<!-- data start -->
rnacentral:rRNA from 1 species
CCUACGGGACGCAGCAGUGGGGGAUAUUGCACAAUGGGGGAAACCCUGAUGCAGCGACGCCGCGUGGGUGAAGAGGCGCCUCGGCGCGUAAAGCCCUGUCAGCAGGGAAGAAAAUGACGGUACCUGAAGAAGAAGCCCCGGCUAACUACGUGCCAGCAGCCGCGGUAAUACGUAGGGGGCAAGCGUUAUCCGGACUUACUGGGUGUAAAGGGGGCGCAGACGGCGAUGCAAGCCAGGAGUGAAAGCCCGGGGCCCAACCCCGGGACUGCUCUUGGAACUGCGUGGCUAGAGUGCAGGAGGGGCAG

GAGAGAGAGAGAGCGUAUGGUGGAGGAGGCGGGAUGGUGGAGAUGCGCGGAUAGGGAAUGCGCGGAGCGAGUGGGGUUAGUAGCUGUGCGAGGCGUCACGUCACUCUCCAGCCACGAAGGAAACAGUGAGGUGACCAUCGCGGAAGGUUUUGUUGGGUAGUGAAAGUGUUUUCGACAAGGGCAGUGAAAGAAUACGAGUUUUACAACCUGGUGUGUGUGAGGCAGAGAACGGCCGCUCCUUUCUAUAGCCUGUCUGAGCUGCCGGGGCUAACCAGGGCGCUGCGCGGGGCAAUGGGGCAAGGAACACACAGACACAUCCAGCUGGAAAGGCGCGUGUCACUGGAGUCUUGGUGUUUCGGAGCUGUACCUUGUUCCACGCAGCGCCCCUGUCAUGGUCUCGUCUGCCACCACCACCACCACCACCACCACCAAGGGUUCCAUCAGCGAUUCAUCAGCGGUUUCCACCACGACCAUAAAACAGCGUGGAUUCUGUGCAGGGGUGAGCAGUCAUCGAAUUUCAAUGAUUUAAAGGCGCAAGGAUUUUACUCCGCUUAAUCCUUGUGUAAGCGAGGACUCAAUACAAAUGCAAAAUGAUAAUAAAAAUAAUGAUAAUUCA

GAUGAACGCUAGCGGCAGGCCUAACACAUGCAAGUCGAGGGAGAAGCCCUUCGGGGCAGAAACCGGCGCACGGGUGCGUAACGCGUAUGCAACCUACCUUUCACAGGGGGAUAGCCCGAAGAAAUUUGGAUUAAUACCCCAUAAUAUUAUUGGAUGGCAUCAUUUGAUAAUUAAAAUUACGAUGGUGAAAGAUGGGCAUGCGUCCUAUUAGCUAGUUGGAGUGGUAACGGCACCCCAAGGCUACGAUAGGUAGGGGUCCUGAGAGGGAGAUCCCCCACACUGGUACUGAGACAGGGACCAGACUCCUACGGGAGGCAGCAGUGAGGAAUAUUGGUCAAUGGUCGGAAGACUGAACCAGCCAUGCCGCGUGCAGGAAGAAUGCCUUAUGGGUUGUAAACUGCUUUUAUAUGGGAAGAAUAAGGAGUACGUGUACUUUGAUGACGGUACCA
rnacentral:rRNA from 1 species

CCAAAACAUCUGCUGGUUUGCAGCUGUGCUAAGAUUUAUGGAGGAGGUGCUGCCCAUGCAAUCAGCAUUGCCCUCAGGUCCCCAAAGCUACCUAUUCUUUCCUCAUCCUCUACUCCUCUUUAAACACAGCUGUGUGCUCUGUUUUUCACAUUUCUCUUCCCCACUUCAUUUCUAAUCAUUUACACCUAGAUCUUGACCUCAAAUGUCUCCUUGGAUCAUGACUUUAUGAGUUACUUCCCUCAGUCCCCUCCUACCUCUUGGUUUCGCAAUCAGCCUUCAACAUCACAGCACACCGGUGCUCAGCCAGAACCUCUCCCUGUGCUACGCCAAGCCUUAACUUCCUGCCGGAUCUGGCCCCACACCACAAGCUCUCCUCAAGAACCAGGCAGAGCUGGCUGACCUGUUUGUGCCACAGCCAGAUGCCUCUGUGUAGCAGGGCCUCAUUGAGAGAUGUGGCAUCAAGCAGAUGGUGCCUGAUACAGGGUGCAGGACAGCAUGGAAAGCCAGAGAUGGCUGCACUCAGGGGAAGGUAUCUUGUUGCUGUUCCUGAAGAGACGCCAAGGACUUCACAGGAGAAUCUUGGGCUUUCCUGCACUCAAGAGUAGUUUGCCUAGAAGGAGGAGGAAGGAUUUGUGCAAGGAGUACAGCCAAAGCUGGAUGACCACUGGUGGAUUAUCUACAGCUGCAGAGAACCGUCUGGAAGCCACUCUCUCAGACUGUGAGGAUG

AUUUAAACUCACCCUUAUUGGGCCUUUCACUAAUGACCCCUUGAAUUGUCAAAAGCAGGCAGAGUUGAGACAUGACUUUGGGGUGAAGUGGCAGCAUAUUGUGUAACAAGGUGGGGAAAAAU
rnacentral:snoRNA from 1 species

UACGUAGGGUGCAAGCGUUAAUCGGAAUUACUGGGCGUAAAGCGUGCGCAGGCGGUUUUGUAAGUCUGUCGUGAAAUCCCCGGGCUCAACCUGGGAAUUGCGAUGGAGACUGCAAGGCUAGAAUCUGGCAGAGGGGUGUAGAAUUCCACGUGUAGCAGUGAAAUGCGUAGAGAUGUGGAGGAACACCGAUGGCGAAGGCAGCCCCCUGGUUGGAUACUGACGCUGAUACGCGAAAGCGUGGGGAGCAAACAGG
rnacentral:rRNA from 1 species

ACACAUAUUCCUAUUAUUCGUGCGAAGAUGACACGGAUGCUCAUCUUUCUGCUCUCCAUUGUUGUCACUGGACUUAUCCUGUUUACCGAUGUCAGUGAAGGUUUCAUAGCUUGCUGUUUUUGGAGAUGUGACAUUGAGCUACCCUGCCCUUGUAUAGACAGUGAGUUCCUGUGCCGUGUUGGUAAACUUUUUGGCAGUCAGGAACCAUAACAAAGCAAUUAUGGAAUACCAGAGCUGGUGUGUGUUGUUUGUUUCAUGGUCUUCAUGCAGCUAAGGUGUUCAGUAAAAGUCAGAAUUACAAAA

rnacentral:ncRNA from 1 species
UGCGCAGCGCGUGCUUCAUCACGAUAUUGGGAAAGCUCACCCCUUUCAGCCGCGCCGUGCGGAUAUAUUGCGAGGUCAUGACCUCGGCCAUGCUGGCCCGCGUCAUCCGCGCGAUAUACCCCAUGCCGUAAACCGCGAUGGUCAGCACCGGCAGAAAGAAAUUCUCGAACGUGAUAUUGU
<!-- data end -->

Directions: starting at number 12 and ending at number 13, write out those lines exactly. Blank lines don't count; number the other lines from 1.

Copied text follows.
rnacentral:ncRNA from 1 species
UGCGCAGCGCGUGCUUCAUCACGAUAUUGGGAAAGCUCACCCCUUUCAGCCGCGCCGUGCGGAUAUAUUGCGAGGUCAUGACCUCGGCCAUGCUGGCCCGCGUCAUCCGCGCGAUAUACCCCAUGCCGUAAACCGCGAUGGUCAGCACCGGCAGAAAGAAAUUCUCGAACGUGAUAUUGU